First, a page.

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Best academy trusts would not go north, says Northern Powerhouse chief

Lord Jim O’Neill some of the best MATs would not dream of going anywhere in the North (PA)
Lord Jim O’Neill some of the best MATs would not dream of going anywhere in the North (PA)

High-performing multi-academy trusts (MATs) would not want to take on schools in the 55 education investment areas identified by the levelling up paper because the areas are too risky, a leading economist has said.

Lord Jim O’Neill, vice-chair of the Northern Powerhouse Partnership, told an event held by the Education Policy Institute and Teach First on levelling up at the Houses of Parliament: “Some of the best MATs would not dream of going anywhere in the North, because it’s too hot.

“It’s a bit like venture capital – people that invest go into venture capital, where you might risk losing all your money.”

He said that only three of the 30 local authorities with the smallest disadvantage gaps were outside London.

He questioned whether the Government’s plans for full academisation by 2030, announced in the schools White Paper, were really a “magical bullet” for educational disadvantage.

“The education White Paper and the education Bill that is coming along with levelling up, in my judgment, speaking really candidly … it is really backing a big horse of which so far there remains pretty limited evidence as to whether the academies movement is some magical bullet that’s a gamechanger,” he said.

“In the most tricky parts of this country, I don’t think whether a school is part of an academies chain is going to be neither here nor there.”

He added that the “single most interesting place” in the the country was the North East.

“It really refutes so much accepted wisdom about the educational journey. In early years it’s actually as good as or slightly above the average across the country and in the North. By the time we get to the end of secondary school, it is dramatically the worst.”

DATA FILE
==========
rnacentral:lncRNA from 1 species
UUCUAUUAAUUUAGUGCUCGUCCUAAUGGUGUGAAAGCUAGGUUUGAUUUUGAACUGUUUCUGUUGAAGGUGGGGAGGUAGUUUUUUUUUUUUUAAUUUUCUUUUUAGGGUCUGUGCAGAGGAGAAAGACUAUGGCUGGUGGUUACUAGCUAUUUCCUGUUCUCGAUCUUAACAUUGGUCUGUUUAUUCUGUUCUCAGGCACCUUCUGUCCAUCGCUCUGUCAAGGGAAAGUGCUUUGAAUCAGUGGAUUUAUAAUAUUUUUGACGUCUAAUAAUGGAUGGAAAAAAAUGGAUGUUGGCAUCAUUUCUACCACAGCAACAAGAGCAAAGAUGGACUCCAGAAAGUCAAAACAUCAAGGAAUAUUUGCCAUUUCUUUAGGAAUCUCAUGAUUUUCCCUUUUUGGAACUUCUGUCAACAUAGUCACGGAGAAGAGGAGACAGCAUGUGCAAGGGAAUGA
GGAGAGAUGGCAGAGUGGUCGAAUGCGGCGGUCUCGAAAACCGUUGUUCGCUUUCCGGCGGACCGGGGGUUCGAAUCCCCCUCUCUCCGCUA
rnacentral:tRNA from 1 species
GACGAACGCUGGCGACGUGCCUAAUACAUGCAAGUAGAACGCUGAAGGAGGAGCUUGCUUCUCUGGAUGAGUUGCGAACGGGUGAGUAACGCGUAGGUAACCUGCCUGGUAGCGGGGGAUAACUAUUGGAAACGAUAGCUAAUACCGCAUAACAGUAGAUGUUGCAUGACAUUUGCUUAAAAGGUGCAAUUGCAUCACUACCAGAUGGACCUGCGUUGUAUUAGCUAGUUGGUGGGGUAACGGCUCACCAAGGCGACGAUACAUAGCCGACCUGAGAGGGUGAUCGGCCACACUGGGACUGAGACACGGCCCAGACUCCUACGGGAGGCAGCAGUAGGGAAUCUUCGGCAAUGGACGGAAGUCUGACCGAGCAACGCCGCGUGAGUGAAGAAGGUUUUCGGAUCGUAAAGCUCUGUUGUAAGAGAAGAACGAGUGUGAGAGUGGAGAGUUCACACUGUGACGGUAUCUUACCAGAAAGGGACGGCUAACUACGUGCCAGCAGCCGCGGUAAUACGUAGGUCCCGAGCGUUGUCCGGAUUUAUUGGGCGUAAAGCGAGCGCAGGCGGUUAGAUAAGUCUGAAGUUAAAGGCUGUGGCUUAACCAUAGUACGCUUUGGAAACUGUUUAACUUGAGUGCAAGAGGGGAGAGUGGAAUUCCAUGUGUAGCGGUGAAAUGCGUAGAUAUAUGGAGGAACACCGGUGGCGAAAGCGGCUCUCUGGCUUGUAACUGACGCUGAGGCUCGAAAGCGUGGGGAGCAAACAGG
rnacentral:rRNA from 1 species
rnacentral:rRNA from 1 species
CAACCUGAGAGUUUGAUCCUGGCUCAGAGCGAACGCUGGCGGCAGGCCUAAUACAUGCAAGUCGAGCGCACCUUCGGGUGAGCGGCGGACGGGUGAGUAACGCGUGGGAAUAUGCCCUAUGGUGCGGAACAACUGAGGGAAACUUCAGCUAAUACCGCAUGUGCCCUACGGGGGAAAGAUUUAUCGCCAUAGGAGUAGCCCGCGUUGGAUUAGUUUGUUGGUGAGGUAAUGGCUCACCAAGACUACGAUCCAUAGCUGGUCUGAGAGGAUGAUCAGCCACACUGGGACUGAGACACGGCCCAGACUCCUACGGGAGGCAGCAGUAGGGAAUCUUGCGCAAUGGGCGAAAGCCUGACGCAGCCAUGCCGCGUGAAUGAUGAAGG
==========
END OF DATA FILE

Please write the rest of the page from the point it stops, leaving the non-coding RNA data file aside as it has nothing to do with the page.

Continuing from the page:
He said he suspected that in areas such as Northumberland, people lived in quite “remote, removed places” and did not have the transport links to get around.

He added that it was not “worthy” of a phrase like levelling up to apply such a “centralised approach” to these kinds of issues.

Farihah Alam, deputy headteacher of Buile Hill Academy in Salford, quoted a letter from one of her year 10 pupils, Ethan, at the event saying: “Kids from the North are far more disadvantaged than kids from the South in my opinion. In the South, people are given a lot more support for the problems they face.

“I think kids in London have it easier because they get more help. They don’t have to pay for their own bus tickets, even though we do, and we have to pay for trips now because our schools don’t have enough money.”

Geoff Barton, general secretary of the Association of School and College Leaders, said: “We don’t agree with Lord Jim O’Neill. Many MATs have an excellent track record of working with and supporting schools in all sorts of contexts.

“The problem they tend to face is more one of capacity. Working with a new school takes time and resources, and the coverage of MATs varies across the country.

“The government did not approach academisation in a particularly strategic way and as a result the system is very fragmented.

“It now aims to have all schools academised and working in or planning to join MATs by 2030 but it isn’t yet clear exactly how this will happen and there is a lot of work to do before we reach that point.”

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